Have you ever been working on your computer and suddenly, out of nowhere, a big blue screen pops up with a message that says something like “System Thread Exception Not Handled”? If you’re using an Nvidia GPU on your Windows computer, you might have seen this scary screen, which is known as the Blue Screen of Death (BSOD). It’s like your computer’s way of saying, “Hey, I’m having a big problem here!”
The thing about this Nvlddmkm.sys error is that it’s a bit of a mystery – it doesn’t happen for the same reason for everyone. That means if your computer is showing this error, you might be scratching your head, wondering why it happened and what you can do about it.
But here’s the good news: you don’t need to panic! We’re here to guide you through some simple steps to get rid of this error. Let’s not waste any more time and dive right into solving this problem together.
Factors That Cause the System_Thread_Exception_Not_Handled Nvlddmkm.sys error?
Ever wondered what causes that annoying Nvlddmkm.sys error on your computer? It’s like trying to figure out why your car won’t start – there could be a few reasons. Let’s break down the most common culprits that lead to this frustrating Blue Screen of Death (BSOD) issue:
1. Incompatible Graphics Drivers
Think of your graphics driver as the bridge between your computer’s brain (the operating system) and its eyes (the graphics card). If this bridge, specifically the Nvlddmkm.sys (which stands for Nvidia Windows Longhorn Display Driver Model Kernel Mode driver), isn’t the right fit for your operating system, it’s like trying to fit a square peg in a round hole. Result? Your computer throws a tantrum and shows you the BSOD.
2. Conflict Between Voltage and Memory Timing
Every graphics card has its own voltage and timing information. Imagine these as the rhythm and pace of a dance. If the voltage (the rhythm) and the memory timing (the pace) are out of sync, your computer’s dance moves get clumsy, leading to the Nvlddmkm.sys error.
Your GPU (Graphics Processing Unit) is like an athlete – it needs to stay cool to perform well. If it gets too hot, its performance drops, and it can get damaged. This overheating can be a big reason why you’re seeing the Nvlddmkm.sys error. It’s like running a marathon in scorching heat without water – not a good idea for your GPU!
4. Issues With the RAM
Your computer’s RAM (Random Access Memory) is like its short-term memory. It’s crucial for running applications and processes. Sometimes, issues with RAM can cause memory problems that trigger the Nvlddmkm.sys error. It’s like trying to remember too many things at once and getting all jumbled up!
5. Restricted Features of GPU
Imagine your graphics card has certain features that are off-limits or restricted by your operating system. It’s like having a supercar but not being allowed to drive it faster than 30 mph. If you accidentally “break the rules” and use these restricted features, you might end up facing the Nvlddmkm.sys error. It’s all about staying within the limits set by your operating system.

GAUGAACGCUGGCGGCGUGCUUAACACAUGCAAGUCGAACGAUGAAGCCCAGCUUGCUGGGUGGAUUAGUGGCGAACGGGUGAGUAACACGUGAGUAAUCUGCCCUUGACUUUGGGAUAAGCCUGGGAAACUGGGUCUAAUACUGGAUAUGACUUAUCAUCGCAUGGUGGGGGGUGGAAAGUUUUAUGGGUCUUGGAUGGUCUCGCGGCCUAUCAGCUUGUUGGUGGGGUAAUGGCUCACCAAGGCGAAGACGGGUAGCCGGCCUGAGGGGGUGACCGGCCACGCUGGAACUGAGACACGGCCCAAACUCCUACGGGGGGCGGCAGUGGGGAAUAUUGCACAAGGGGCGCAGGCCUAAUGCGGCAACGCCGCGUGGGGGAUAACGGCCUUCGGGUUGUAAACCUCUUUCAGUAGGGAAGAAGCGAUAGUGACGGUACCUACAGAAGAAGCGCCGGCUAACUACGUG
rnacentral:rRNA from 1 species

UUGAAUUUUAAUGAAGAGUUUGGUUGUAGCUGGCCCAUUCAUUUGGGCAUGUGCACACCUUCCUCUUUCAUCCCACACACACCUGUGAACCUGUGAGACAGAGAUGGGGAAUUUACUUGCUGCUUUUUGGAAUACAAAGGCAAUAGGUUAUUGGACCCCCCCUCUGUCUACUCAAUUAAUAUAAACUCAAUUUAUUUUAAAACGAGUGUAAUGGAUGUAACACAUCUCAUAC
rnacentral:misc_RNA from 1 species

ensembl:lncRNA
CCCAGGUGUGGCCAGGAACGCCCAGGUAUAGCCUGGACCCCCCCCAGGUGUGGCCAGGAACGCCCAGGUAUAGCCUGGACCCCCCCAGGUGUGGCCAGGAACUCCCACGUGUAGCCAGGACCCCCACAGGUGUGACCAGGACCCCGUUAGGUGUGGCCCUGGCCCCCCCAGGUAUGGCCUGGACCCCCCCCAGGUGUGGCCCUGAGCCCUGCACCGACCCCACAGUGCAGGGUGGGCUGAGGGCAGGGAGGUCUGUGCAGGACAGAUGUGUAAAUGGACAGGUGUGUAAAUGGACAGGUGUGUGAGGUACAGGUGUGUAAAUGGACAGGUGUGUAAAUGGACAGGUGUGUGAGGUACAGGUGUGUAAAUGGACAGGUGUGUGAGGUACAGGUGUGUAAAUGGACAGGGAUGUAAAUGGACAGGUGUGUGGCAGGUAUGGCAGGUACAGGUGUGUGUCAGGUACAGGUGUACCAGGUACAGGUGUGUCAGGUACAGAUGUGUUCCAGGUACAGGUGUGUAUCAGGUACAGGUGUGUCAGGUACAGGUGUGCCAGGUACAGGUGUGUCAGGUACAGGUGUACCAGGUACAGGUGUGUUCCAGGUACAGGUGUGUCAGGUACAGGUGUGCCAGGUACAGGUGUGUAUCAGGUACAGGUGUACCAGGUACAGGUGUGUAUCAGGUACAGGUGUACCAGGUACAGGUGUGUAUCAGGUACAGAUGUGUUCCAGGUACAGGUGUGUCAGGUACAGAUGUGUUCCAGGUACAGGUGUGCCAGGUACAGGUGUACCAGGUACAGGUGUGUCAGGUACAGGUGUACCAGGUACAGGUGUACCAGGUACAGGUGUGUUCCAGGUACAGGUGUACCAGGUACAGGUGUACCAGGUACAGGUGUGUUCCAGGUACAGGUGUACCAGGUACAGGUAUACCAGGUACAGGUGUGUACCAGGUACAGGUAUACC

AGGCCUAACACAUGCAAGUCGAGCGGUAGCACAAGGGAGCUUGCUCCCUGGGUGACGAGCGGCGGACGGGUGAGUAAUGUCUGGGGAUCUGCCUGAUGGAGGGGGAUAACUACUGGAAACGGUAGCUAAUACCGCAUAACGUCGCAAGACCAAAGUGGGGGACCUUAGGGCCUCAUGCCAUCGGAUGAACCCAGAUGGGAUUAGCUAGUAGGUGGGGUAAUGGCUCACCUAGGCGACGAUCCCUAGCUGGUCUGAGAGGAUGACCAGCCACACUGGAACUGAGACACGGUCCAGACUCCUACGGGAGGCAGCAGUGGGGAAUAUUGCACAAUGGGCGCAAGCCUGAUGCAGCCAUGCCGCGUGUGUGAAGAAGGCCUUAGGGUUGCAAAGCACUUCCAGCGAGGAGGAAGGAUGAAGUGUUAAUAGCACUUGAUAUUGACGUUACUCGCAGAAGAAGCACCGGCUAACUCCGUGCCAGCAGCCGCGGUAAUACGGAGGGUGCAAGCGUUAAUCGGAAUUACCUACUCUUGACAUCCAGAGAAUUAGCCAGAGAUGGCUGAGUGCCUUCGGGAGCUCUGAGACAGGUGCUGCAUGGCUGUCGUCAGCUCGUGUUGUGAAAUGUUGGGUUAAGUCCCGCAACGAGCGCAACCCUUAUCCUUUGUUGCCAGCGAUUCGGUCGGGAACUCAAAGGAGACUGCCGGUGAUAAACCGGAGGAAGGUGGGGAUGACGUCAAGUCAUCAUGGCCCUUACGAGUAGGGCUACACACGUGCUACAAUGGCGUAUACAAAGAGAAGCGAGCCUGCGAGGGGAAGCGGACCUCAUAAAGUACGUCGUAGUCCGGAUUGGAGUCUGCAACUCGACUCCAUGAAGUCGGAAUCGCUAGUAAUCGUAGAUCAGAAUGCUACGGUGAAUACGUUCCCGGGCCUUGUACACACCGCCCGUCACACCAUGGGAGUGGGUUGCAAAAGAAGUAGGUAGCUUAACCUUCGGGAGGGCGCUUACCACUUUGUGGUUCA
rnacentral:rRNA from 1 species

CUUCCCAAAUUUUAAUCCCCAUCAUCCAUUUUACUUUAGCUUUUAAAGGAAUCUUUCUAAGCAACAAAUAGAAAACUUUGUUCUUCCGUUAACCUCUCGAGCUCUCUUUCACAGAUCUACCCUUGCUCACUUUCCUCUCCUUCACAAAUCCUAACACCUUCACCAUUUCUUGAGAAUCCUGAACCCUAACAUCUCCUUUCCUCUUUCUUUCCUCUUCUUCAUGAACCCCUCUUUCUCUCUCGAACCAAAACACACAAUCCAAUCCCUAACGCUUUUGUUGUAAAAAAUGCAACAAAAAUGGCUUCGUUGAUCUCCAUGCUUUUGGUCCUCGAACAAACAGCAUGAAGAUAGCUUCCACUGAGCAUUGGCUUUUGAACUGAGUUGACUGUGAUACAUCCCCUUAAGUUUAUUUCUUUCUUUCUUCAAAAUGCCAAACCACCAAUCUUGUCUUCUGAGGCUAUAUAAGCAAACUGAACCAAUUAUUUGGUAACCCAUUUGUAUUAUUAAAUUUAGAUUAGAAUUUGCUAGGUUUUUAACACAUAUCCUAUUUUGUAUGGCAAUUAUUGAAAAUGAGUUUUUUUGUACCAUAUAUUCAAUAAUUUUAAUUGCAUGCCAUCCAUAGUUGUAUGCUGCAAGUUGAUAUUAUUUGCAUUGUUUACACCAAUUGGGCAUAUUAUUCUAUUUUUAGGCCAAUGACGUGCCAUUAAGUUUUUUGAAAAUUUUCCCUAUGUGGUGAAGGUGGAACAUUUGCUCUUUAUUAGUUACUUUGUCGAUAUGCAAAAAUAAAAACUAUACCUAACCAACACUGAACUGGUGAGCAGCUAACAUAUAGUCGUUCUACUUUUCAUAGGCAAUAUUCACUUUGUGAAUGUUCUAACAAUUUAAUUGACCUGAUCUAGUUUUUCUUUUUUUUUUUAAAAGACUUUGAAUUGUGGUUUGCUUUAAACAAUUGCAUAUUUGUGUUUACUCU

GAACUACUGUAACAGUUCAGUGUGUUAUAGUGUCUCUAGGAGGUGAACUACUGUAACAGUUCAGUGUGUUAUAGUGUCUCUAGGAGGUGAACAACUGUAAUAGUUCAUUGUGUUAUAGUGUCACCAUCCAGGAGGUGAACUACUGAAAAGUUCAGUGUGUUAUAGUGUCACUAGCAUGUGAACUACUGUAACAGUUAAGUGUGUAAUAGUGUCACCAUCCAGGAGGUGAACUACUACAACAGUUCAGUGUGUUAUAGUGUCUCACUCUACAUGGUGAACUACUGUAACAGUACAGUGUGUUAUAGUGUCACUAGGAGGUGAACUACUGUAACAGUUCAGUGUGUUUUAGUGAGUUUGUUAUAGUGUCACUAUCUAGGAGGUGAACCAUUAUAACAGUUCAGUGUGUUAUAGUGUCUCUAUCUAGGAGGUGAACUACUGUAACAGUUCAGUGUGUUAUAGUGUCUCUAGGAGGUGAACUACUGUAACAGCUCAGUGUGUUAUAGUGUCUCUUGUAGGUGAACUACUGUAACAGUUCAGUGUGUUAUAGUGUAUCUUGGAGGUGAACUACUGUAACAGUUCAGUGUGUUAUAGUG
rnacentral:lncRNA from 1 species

6. GPU Overload
Normally, your CPU (Central Processing Unit) handles most of the computer’s processes. But if you’re running a lot of programs at once, the CPU might get overwhelmed and pass some of the workload to the GPU. This is like asking one person to do the work of two. If your GPU can’t handle this extra load, it might lead to the Nvlddmkm.sys error. It’s important not to overburden your GPU to avoid this problem.
Methods To Fix the Nvlddmkm.sys Error
Are you ready to tackle the Nvlddmkm.sys error head-on? Let’s go through some methods that can help fix this issue. It’s like being a detective – we’ll try different solutions until we crack the case!
Method 1: Update the Graphics Drivers
Updating your graphics drivers is like giving your computer a fresh start. Here’s how you can do it:
- Access Device Manager:
- Press the
Windows + Xkeys together. This opens up a menu that’s like a shortcut to some important features of your computer.
- Choose “Device Manager” from this menu. It’s the place where you can see all the hardware connected to your computer.
- Press the
- Update the Driver:
- In the Device Manager, look for “Display Adapters” and click on it to see what’s under it. This is where your graphics card lives.
- Find your graphics driver, right-click on it, and choose “Update Driver.”
- Select “Automatically search for drivers.” This lets your computer do the detective work to find the latest driver for your graphics card.
- Check the Error:
- After updating, restart your computer and see if that pesky Nvlddmkm.sys error has said goodbye.
If this method doesn’t work, don’t lose hope! We have more tricks up our sleeve. Keep reading for other methods to solve this issue.
Method 2: Uninstall Corrupted Drivers
Sometimes, the solution to the Nvlddmkm.sys error is like fixing a puzzle with a missing piece – you need to remove the piece that doesn’t fit (corrupted drivers) and replace it with the right one. Here’s how to do it:
Step 1: Boot into Safe Mode